The Hahnenkamm Races have been the most important event for Kitzbühel Ski Club since 1931.
Over the course of time, Austria’s greatest ski festival has evolved into one of the most prestigious ski sporting events worldwide and ranks highly in the international sports world.
Winning at Kitzbühel is a true highlight in every skier’s sporting career.
The ski world converges on Kitzbühel every year on the third weekend of January.
This has been made possible not only because of the deep commitment shown for this major event by the current functionaries, and workers, but also their forebears and predecessors, who invested the incredible groundwork needed.
Using experience gathered from the past, the future can be planned with foresight and vision.
The sport itself and junior talents were the focus of these anniversary races.
The 75th Hahnenkamm Races were heralded by the breath-taking documentary film ‘Streif - One Hell of a Ride’, which premiered in cinemas on December 25th.
The Streif enjoyed the most successful launch ever in the history of Austrian documentary films.
The box offices rang up ticket sales of 160,000 tickets by the 21st January 2015.
Race Week 2015
There were a number of reasons for officially opening the race week on Tuesday evening.
The Legends Park at the foot of the Hahnenkamm, which is dedicated to past and present ski heroes, was the perfect venue for such a celebration.
The bitter cold didn’t stop numerous Kitzbühel fans and visitors from all around attending the opening ceremony.
A monument crafted by local sculptor Gregor Unterreiner in memory of Toni Sailer - athlete of the century – was unveiled by his former friends and fellow ‘Ski Wonder Team’ colleagues from the 1950s, Anderl Molterer, Ernst Hinterseer, Hias Leitner and Fritz Huber, as well as Sailer’s son Florian.
The sculpture is in the shape of a large, black bolt eponymous with Toni Sailer’s film.
A new plaque of honour was also presented to the public, dedicated to all Hahnenkamm winners to date.
Furthermore, a commemorative stamp was issued, uniting Toni Sailer’s 80th birthday and the 75th Hahnenkamm Race jubilee.
The young skiers participating in the Hahnenkamm Juniors played a large role in the opening ceremony: during the parade of nations, Kitzbühel Ski Club president Michael Huber welcomed all the young athletes, before each of them was introduced on stage.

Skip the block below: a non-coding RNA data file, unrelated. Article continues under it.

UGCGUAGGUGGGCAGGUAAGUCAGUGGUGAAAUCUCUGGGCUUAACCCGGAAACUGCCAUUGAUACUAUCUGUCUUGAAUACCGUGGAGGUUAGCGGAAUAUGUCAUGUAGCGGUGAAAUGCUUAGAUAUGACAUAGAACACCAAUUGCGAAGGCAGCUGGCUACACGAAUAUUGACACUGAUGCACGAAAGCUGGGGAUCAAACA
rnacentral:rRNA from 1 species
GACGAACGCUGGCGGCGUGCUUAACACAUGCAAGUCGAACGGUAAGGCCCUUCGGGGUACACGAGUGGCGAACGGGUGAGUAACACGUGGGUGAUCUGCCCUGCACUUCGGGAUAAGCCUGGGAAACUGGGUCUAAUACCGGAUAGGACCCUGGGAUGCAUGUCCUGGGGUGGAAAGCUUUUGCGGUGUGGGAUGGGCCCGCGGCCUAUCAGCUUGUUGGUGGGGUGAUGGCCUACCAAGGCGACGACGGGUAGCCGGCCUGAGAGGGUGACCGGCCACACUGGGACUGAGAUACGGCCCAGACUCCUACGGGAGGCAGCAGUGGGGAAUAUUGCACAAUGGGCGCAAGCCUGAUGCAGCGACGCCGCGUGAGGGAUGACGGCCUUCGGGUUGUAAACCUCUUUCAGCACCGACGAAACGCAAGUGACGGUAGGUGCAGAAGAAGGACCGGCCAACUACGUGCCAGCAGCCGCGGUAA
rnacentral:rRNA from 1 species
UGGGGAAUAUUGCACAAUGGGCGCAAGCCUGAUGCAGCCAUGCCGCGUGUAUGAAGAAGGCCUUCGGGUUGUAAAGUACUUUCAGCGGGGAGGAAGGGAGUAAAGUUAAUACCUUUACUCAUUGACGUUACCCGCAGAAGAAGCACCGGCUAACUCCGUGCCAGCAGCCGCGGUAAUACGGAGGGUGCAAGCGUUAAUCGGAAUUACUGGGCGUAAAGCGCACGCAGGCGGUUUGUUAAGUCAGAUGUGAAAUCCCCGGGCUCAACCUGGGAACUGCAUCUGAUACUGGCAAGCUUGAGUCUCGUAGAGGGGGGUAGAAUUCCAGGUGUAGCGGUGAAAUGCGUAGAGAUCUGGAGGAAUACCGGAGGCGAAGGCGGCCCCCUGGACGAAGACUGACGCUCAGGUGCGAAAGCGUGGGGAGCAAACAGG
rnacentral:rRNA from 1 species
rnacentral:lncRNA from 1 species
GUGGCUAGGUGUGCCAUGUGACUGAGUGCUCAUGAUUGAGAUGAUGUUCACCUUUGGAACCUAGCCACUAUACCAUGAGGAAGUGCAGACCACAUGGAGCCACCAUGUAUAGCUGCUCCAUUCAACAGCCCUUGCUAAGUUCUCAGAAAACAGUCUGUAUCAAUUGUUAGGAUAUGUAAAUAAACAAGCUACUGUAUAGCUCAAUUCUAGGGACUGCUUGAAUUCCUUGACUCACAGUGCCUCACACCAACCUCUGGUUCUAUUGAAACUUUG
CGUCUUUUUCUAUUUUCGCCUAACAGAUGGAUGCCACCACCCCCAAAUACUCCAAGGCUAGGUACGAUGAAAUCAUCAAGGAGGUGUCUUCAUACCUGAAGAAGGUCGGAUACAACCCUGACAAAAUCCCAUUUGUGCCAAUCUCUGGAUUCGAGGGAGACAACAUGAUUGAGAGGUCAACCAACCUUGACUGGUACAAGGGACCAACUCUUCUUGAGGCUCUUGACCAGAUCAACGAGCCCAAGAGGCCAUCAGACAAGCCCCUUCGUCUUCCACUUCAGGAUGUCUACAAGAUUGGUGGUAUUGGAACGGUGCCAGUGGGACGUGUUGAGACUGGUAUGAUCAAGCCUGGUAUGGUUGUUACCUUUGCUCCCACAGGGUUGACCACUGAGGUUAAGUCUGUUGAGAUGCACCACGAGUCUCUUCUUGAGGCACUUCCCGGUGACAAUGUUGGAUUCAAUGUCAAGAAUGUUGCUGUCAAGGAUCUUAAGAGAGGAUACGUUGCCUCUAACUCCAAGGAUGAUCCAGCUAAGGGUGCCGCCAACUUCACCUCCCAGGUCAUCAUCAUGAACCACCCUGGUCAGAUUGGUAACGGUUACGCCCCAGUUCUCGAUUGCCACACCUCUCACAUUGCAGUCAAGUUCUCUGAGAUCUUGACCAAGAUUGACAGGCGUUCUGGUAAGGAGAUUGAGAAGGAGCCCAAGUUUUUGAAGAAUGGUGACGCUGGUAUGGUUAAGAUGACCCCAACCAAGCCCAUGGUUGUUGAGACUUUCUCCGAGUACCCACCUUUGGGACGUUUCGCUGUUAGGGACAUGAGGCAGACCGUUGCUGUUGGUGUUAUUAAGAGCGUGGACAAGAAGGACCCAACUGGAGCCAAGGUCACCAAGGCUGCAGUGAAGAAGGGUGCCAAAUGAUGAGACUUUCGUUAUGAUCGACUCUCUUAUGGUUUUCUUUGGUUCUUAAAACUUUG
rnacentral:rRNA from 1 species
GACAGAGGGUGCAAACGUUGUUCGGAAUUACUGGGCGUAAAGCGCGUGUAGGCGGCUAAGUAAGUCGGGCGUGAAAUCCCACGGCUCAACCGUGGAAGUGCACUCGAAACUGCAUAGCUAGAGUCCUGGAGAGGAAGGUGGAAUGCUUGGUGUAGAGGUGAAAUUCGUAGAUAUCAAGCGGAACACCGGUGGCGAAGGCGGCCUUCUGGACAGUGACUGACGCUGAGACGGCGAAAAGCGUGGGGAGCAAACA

“The future belongs to the young” was the motto for the 75th Hahnenkamm Races.
A fitting maxim for the biggest Hahnenkamm Juniors event thus far in Kitzbühel’s skiing history, which was held on the Ganslernhang on Wednesday.
Some 12 Teams from nine nations – more than ever before – competed in a Giant Slalom and Slalom race, which was won by Team Tyrol.
“For the juniors to race a Giant Slalom on the original Ganslern, is just as demanding as the Alta Baida World Cup classic Giant Slalom,” said Kitzbühel Ski Club president Huber
Two training runs – the first on Tuesday, the second on Thursday – were held in a timely manner and optimum piste and weather conditions on the Streif.
The Downhill course setting bore the unmistakeable signature of Hannes Trinkl, the new FIS Race director for speed competitions.
The last training run on Thursday attracted a whopping 5,000 spectators!
Favourite, Kjetil Jansrud, dominated both training sessions.
Super Friday, with the Super-G and floodlit Combined Slalom races attracted a super number of spectators: 19,000 in total – more than ever before – followed the two races on the first day of the World Cup weekend.
Dominik Paris, Streif victor 2013, won the Super-G with a 0.06 second lead on Austrian athlete Matthias Mayer and Georg Streitberger.
The Combined Slalom was held by floodlight and Alexis Pinturault was crowned Hahnenkamm winner.
As in 2014, Marcel Hirscher came second and Ondrej Bank celebrated the “best day of his life” in third place of the Hahnenkamm Combined.
The slip crew were up all night from Friday to Saturday to clear new snow from the piste.
Despite all efforts, the start of the race had to be postponed for two hours: thick fog in the upper part of the slope would have impaired racers’ visibility.
As always, athletes’ safety was highest priority, which led the jury to make an unusual decision: the start would be moved down to the Seidlaalm, making it the shortest downhill race ever to have taken place in Kitzbühel’s skiing history.
One of the favourites, Kjetil Jansrud (58.16 seconds) won the Downhill title, beating second placed Dominik Paris by a mere two hundredths of a second.
Some 45,000 spectators turned up to watch the race.
World Cup Win on the Ganslernhang
On Sunday, the Ganslernhang once again justified its reputation as being one of the most challenging slalom hills in the world, with an icy track and numerous transitions: the top favourite to win, Austria’s Marcel Hirscher, was in the lead after the first run.
After the second run, however, he had no choice but to concede defeat to Matthias Hargin from Sweden, who relegated Hirscher into second place by a margin of 0.49 seconds and was able to celebrate his first World Cup victory on the Ganslernhang.
Third place went to defending champion Felix Neureuther, 0.69 seconds behind Hargin. 22.00 spectators turned up to watch the race.
World Ski Awards
As a global leader in ski tourism, Kitzbühel each year welcomes the World Ski Awards.
Launched in 2012, World Ski Awards aims to drive up standards within the ski industry by rewarding the organisations that are leaders in their field.
Votes were cast by professionals working within the ski industry – senior executives, travel buyers, tour operators, agents and media - and by the public (ski tourism consumers).
Winners are announced at the annual World Ski Awards Gala Ceremony, held in 2014 at A-ROSA Kitzbühel.
The World Ski Awards Gala Ceremony 2015 will return to the resort in November this year, with more information on the official website.